- People with knowledge of the matter have previously said Ant plans to raise as much as $30 billion from a dual-listing in in Hong Kong and on Shanghai;
- That would make it the world’s biggest IPO since oil giant Saudi Aramco raised $29.4 billion last December.
Ant Group, Alibaba‘s fintech arm and China’s dominant mobile payments firm, filed for a dual listing in Hong Kong and on Shanghai’s Nasdaq-style STAR Market and could raise as much as $30 billion in what would be the world’s largest IPO.
Ant’s initial public offering would be the first simultaneous listing in Hong Kong and the year-old STAR Market, boosting Hong Kong’s status as an international IPO market and helping enhance STAR as a capital markets centre.
Ant, already the world’s most valuable unicorn – or billion-dollar unlisted tech firm – did not disclose the size, timetable or other key details of the offering in its preliminary prospectus.
People with knowledge of the matter have previously said Ant plans to raise more than $20 billion from the dual-listing which could take place in October, valuing the group at over $200 billion.
The offering size could even reach $30 billion if market conditions allow, said three of the people this week.
That would make it the world’s biggest IPO since oil giant Saudi Aramco raised $29.4 billion last December, which surpassed the record set by China’s Alibaba Group Holding $25 billion float in 2014.
Ant looks to sell between 10% and 15% of its shares, one of the sources said, requesting anonymity as the details were not yet public. Ant said in its filing that it plans to sell no less than 10% of its enlarged share capital in the dual-listing.
The company was valued at about $150 billion in its last funding round in 2018, which brought in big-name investors such as Temasek and Warburg Pincus.
Ant plans to use the proceeds raised to expand its user base and cross-border payments as well as enhancing its research and development capabilities.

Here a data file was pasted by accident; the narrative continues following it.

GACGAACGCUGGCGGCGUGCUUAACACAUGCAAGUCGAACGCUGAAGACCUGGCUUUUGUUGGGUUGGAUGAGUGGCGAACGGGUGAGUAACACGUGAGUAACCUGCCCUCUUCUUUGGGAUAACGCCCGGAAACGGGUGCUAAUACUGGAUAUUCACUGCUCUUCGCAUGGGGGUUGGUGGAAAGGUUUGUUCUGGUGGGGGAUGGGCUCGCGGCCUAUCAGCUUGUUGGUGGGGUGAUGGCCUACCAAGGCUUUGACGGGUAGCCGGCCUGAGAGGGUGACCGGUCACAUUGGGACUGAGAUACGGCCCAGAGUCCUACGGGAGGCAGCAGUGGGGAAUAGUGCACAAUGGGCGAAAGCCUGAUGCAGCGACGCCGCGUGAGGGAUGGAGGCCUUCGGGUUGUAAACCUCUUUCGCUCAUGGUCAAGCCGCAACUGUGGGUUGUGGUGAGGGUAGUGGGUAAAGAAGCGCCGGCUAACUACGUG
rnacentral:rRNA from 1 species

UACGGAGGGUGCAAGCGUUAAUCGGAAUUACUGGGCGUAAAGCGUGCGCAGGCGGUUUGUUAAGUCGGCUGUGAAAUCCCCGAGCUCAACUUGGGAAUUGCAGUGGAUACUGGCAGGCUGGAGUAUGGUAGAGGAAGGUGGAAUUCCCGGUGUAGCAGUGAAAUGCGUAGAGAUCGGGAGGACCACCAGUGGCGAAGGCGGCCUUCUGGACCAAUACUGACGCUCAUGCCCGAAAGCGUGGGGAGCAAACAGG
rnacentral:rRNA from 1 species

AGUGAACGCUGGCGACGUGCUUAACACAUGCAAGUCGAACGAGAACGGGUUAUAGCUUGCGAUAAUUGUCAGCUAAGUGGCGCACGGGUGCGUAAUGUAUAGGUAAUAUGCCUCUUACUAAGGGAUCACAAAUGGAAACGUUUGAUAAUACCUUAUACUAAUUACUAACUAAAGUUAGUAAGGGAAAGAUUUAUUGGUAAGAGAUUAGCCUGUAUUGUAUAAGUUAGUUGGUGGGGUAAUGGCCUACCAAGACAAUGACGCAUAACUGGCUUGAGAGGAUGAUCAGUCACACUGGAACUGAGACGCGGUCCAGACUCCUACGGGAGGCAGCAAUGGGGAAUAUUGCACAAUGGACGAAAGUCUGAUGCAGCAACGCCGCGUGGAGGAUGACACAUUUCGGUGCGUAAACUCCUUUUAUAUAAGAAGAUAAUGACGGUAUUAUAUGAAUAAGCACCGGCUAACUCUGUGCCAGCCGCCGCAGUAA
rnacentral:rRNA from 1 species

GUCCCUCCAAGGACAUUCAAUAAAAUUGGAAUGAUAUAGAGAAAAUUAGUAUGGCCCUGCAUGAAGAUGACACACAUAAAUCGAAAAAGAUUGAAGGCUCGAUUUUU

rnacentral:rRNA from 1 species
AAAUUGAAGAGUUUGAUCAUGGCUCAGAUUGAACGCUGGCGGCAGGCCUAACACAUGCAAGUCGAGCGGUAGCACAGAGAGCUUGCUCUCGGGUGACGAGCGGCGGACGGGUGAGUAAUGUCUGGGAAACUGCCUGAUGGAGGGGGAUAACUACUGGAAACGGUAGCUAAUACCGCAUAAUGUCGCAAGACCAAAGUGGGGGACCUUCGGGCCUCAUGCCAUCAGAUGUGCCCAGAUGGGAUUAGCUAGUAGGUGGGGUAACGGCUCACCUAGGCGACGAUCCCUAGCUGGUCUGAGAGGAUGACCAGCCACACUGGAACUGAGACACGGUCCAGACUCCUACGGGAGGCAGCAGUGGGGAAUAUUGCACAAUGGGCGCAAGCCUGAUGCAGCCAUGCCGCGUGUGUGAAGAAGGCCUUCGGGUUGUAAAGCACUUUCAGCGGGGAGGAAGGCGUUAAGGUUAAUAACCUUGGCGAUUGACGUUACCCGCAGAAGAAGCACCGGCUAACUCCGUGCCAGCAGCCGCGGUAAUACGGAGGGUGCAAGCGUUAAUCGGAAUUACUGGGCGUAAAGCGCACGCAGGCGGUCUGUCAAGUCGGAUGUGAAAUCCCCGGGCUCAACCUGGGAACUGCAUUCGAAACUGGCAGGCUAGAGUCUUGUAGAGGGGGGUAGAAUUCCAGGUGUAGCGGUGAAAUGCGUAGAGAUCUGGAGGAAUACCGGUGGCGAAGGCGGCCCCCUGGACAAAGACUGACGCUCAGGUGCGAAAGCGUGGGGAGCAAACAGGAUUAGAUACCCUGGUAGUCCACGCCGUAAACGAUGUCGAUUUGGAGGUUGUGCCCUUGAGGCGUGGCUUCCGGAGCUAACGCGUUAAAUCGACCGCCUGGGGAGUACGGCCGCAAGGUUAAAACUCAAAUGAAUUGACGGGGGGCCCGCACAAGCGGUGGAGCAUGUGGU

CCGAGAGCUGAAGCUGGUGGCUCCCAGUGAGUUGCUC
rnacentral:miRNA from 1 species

The IPO would be a boost for Hong Kong
Ant’s prospectus gave investors the first look at the firm’s financial health ahead of the IPO.
The company said revenue was 72.5 billion yuan ($10.5 billion) in the first half of the year, up nearly 40% compared to the same period in 2019. Profit rose nearly 12 times to 21.9 billion yuan in the same period.
The numbers underscore how Ant, 33%-owned by Alibaba and controlled by Alibaba founder Jack Ma, has remained resilient even as the COVID-19 pandemic has crippled many businesses.
Ant has amassed a range of financial licenses including payments, online banking, insurance and micro lending to operate in China’s vast financial market.
Its biggest and best-known business is Alipay, the largest player in China’s 430 trillion yuan ($62 trillion) third-party mobile payments market, according to market researcher Qianzhan.
Alipay had 711 million monthly active users as of June, with payment volumes reaching 118 trillion yuan in China, Ant’s filings showed.
Alibaba set up Alipay in 2004, modelling the business on U.S. peer PayPal, to help Chinese buyers shop online. It spun off the unit which operated the online payments platform in 2011 over the objections of shareholders ahead of its own IPO.
It re-branded the unit as Ant Financial in October 2014 and in May it was renamed Ant Group.
Both Hong Kong and mainland China have been working to raise their appeal as places to raise cash.
The float would be a boost to the city’s status as a global capital markets centre as its leaders come under fire for the imposition of a national security law by Beijing criticised in the West as draconian.
Companies raised $10.3 billion via IPOs on the STAR Market in the first seven months of the year, making the bourse the second-biggest market globally for such listings, behind Nasdaq but ahead of Shanghai’s main board and Hong Kong, Refinitiv data showed.
CICC, Citigroup, JPMorgan and Morgan Stanley are sponsoring Ant’s IPO in Hong Kong, while CICC and China Securities Co are leading the float’s onshore leg.